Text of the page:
MB: I actually think it’s quite the opposite. I don’t think there’s more toxicity. I think it’s just getting called into question more so now than ever.
CT: Please elaborate.
MB: What has been happening to Doug Polk on Twitter and the Internet was a long time coming. That conversation he had with me, and Charlie Carrel on Twitter Spaces was a true representation of the main issues I have with Doug. He can’t claim to be tired that particular evening for his lack of an emotional response to what Charlie was sharing. Charlie was talking about being raped by his grandfather as a child. I truly don’t for the life of me believe there’s any part of Doug that’s remorseful. I don’t believe there’s any part of him that sympathizes or empathizes with Charlie’s plight.
CT: Personally, I’m more apt to try my best to forgive people and find the goodness in them, and hope some growth takes place moving forward. But I can’t comprehend how anyone who listened to Charlie that evening couldn’t sense the deep pain he’s been through. I truly believe that Doug was taken aback by the rawness of what was shared. So much so that he did come back to apologize to Charlie the next day. I believe there was some sincerity there and seeds of growth had been planted.
MB: Yeah. Well, I think actions speak louder than words. We’ll see.
CT: I don’t 100% agree. I listened to that Space. Doug took action by calling on people that had issues with him to step up and speak. He didn’t have to do that. The conversation with Fernando ‘JNANDEZ’ Habegger was enlightening in many ways. He handled it well. And then he did a follow-up Spaces to clear the air further.
MB: I think that the follow-up Space he hosted was very much choreographed. It was all very much on his terms. I think he knew exactly who was going to speak and what his own responses would be.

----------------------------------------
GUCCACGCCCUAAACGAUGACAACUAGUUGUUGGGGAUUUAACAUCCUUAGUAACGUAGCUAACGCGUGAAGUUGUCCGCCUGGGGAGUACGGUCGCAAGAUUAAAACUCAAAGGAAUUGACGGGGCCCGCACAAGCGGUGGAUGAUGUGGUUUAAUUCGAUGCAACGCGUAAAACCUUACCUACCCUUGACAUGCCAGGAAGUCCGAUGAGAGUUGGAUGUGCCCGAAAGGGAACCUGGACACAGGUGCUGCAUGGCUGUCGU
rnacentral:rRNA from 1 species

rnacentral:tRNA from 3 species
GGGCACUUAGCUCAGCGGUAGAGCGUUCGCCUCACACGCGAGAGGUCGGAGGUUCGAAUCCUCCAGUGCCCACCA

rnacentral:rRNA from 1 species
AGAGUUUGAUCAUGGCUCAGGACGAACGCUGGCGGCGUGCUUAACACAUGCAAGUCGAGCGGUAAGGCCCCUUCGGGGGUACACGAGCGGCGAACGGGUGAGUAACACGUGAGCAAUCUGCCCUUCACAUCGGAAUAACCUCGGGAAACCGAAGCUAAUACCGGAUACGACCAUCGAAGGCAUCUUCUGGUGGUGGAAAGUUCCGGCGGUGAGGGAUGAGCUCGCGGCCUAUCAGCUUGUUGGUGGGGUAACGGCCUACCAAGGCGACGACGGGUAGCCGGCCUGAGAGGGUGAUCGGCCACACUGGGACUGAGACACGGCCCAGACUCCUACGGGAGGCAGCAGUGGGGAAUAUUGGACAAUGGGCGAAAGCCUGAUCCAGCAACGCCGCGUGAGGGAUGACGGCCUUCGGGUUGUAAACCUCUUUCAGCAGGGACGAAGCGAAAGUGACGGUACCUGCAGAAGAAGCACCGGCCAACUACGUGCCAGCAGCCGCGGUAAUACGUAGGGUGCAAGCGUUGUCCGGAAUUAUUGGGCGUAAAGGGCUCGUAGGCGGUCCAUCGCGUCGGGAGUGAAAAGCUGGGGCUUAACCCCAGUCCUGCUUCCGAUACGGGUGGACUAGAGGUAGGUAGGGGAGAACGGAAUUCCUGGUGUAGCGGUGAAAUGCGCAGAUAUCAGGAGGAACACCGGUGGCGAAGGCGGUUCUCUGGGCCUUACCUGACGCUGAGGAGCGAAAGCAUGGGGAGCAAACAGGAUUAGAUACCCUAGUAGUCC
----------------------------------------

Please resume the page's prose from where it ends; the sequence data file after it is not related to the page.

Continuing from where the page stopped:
CT: He listened to you when you snapped back with some valid points.
MB: Listen again to our back and forth that evening. I kept trying to steer the conversation in good faith way, where we discuss the big picture of various things. He kept trying to debate me in a bad-faith way, where he moves the goalposts in on some very specific nuance and then controls the narrative. You can actually hear when that happened at one point where I finally caved and said to myself, okay, we’ve seen who he really is.
CT: When? During the JNandez exchange?
MB: Yes. Doug’s entire tone shifts. He goes from speaking what was clearly off the cuff to basically reading a prepared statement. My best guess is he had talking points already outlined and crafted. He was trying to get his guests to bend or buckle in a way that would most suit him for that space. And unfortunately, it worked.
CT: I see your point.
MB: He got Phil Galfond to just shut down and not continue to engage. That’s what bad-faith actors do. That’s what people who have no interest in debating in good faith are able to do. And it comes off to an audience that doesn’t care to know the difference as winning. It’s the Ben Shapiro tactic of just constantly changing what the truth is, in order to make you the victor. Anybody who’s actually ever done any level of serious debate understands that’s just not the way these things work.
The birth of the Solve for Why Academy
CT: Let’s shift gears a bit. Tell me about the evolution of your idea to create your popular training academy, Solve for Why.
MB: In 2016, I noticed that there was a big gap in the market for people who exclusively played live poker. And the way I’ve always viewed poker, in a nutshell, is it’s kind of a sandbox for problem-solving. So, the mission behind the company was to take a root cause analysis approach to develop strategies around a holistic approach to solving why the system functions the way that it functions. I think we started off very much by answering the question of how does live poker play so much differently than online poker.